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Obama Administration To Increase Scrutiny Of Special Education

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Federal education officials say they’re looking to encourage better academic achievement among students with disabilities rather than simply ensuring schools follow the law.

In an announcement late last week, U.S. Secretary of Education Arne Duncan said his agency’s special education division will be retooling its annual school reviews, which are designed to assess whether or not services are being provided to those with disabilities as required under the Individuals with Disabilities Education Act.

Officials say they’ve been successful at verifying that appropriate resources are in place for students with disabilities, but acknowledge that more needs to be done to improve outcomes.

“For too long we’ve been a compliance-driven bureaucracy when it comes to educating students with disabilities,” Duncan said. “We have to expect the very best from our students — and tell the truth about student performance — so that we can give all students the supports and services they need. The best way to do that is by focusing on results.”

Specifically, Education Department officials say they’re looking to find ways to spur increased academic performance and graduation rates.

Officials provided few details about how they hope to accomplish this, but said they will be halting the site-visit portion of their annual reviews for the coming school year so that a better review system can be devised that focuses on improving outcomes.

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Comments (11 Responses)

  1. sandy fultz says:

    I only have one question, What does this mean for the kids with severe disabilities. Meaning the ones that can not write, talk, or anything that is needed to evaluate what they know…..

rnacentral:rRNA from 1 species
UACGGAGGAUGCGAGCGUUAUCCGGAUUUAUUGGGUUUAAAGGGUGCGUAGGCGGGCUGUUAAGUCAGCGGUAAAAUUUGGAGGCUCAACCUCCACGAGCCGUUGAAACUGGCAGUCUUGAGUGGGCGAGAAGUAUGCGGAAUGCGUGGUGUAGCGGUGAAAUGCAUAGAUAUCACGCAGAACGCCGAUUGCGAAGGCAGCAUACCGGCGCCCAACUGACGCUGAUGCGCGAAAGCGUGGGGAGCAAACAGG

2. Nicole says:

    A very timely article. Tomorrow I will go to my daughter’s elementary school to sign a waiver for exemption from mandatory annual state assessments for my 10-year-old daughter on the autism spectrum. I am required to claim exemption based on religious exemption!! Not inappropriate testing material survey, time frame for administration, or an expectation of a cross-section of my daughter’s true abilities. We appropriately gather that information on a daily, weekly, and monthly data collection basis. She is flourishing. No thanks to state mandatory testing.

  3. Reid says:

    That’s great for the kids that are not severe and profound. Being a parent of two kids with severe and profound disabilities, I see where the bureaucracy gets in the way of the awesome teachers that want to spend quality hands on time with the kids instead of doing all the paper work involved in ” meeting goals ” that the Gov sets.

  4. Diane says:

    It would be great to finally have someone recognize the potential of students with “different abilities”, rather than just seeing their “disabilities”, to finally have some ground to stand on when parents are looking for the school systems to challenge their students rather than just accepting the status quo>

  5. Lori says:

    How does halting the site-visit portion of reviews help to devise a better review system? Sounds like they will be expanding on the bureaucracy as usual. But the more serious question is the one Reid posed: what does this mean for children with severe/profound disabilities? My own daughter falls into this catagory, do I need to be even more worried about her education now?